April 10, 2008

Iowa Power Fund to decide whether or not to fund $2.2M algae energy project

A decision made in Des Moines today could have huge implications for the future in Shenandoah.
Green Plains Renewable Energy Inc., (GPRE) of Shenandoah submitted one of 16 grant applications to the Iowa Power Fund that passed the first round for an alternative energy development grant.

The project is to produce an algae farm to use the carbon dioxide and waste water, which are byproducts of making ethanol, to produce large quantities of algae.

Algae are high-cost/high-yield feedstocks to produce biofuels. It's one of the most potential sources for meeting our energy needs, producing 30 times more energy per acre than terrestrial crops.

Monday the project moved on to the next phase of the process as the only project recommended by the Iowa Power Fund Due Diligence board for full funding.

"The presentation lasted about an hour, and when we were done the due diligence board recommended that our project be sent to the board for full funding," said Shenandoah Chamber and Industry Director Gregg Connell, who made the presentation. "I think we were the only project that actually moved ahead with the caveat of full funding.

"The board has to make the decision (Wednesday). We hope the board acts in accordance to the due diligence board's recommendation."

The Iowa Power fund is a $100 million state fund to expand Iowa's renewable energy industry.

The fund, which is in it's first year, makes a total of $25 million available for the current fiscal year and next, and $25 million each year for the three following years.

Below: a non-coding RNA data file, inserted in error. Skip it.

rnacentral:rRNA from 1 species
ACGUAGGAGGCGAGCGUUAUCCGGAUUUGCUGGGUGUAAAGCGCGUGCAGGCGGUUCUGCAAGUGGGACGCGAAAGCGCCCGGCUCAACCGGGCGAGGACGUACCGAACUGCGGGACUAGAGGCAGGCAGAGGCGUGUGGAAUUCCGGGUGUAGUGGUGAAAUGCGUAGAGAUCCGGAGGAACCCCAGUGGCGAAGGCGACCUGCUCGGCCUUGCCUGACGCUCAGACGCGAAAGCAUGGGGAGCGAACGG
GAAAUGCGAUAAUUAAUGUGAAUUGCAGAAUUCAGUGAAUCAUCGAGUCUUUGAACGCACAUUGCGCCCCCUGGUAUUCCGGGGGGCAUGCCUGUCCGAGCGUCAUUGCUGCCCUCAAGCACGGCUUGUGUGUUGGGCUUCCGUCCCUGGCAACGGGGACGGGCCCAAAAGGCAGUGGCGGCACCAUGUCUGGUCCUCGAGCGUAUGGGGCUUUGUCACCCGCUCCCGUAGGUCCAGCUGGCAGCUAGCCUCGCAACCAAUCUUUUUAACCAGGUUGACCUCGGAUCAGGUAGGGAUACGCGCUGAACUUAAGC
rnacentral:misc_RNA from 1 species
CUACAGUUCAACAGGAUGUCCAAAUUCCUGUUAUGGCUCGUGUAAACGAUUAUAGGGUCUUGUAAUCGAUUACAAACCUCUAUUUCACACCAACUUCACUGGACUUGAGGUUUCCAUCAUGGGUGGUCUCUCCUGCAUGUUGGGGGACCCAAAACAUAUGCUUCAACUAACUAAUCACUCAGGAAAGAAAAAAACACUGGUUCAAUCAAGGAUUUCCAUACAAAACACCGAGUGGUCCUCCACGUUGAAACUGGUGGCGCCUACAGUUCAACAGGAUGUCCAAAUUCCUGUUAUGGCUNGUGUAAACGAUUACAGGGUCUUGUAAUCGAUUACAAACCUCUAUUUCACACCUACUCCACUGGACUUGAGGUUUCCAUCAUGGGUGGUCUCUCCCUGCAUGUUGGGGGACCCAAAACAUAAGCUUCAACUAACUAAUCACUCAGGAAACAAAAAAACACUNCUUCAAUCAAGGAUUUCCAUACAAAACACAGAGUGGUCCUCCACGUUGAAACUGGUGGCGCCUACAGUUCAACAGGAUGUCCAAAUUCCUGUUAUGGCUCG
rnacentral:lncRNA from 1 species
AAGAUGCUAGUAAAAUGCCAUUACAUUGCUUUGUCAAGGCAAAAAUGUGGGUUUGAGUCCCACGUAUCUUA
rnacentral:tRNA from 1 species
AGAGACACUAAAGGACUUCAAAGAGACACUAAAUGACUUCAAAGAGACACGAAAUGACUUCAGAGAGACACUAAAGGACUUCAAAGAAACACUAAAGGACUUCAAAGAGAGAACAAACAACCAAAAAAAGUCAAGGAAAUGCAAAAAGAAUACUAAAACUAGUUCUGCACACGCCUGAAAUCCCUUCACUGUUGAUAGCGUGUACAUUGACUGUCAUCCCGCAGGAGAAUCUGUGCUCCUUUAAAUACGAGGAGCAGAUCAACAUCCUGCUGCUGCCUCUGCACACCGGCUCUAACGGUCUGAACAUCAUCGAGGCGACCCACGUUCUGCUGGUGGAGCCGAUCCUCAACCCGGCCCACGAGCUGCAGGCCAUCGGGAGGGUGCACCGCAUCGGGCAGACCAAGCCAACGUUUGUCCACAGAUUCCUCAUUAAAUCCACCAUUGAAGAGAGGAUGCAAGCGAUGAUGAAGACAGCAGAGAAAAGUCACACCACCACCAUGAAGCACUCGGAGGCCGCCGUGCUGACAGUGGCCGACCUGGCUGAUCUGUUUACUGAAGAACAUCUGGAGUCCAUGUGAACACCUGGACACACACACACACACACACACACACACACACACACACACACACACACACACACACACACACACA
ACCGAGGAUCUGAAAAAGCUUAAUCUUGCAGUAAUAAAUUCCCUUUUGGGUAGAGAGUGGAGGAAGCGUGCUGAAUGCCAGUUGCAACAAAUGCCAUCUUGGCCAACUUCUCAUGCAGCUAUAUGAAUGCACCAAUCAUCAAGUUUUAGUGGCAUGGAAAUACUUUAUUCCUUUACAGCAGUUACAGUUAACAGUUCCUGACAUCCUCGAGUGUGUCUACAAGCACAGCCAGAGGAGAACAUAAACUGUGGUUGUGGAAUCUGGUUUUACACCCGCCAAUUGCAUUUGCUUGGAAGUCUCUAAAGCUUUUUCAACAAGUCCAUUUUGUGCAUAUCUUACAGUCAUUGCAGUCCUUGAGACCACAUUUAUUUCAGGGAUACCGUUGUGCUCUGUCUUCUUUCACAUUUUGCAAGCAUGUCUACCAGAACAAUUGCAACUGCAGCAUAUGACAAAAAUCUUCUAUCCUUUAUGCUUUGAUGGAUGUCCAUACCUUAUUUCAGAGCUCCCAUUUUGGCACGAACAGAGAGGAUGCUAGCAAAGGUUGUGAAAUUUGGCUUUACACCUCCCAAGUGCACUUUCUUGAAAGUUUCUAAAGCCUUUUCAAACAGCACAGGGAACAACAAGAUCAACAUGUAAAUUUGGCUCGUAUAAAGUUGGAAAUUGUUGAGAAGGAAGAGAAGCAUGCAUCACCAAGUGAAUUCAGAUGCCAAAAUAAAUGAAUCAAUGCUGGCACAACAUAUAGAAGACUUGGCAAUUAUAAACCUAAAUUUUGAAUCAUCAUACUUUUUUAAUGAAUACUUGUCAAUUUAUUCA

Those dollars could be used to leverage private investment and federal grants.

The proposed funding that Connell and Green Plains are asking for is $2,190,407 from the state, to go along with $600,000 from Green Plains.

This is a project that Connell has been working on for the past couple of years, and presented to GPRE. He said his motivation behind the long hours spent on the process is to bring the project to Shenandoah.

Connell said he believes they will get an answer at tomorrow's meeting, which will allow the project to kick into high gear.

"My understanding is the board will make awards tomorrow," said Connell. "That means we will be able to start our project immediately. We'll probably be able to have staff from GreenFuel, along with laboratories and a small algae farm sometime between June and July."

Founded in 2001, GreenFuel profitably recycles carbon dioxide from flue gases to produce biofuels and feed. GreenFuel is the company which developed the model for using algae to create biofuels.

Connell said the project would be monumental for Green Plains, as well as the city.

"It's a huge thing for Shenandoah," he said. "The eye of the world will be on Shenandoah to see if in fact you can produce mass amounts of algae using (carbon dioxide) and waste water from an ethanol plant to be able to produce mass amounts of biofuel.

"The problem that we have today in the biodiesel industry is the feedstocks, which are mostly soybean oil, is so high that most of them aren't even operating any more. There is a market that's been created, there are mandatory amounts the Federal Government has established that be used by the year 2022 - 36 billion gallons. We will be the focal point of the world to see what happens."

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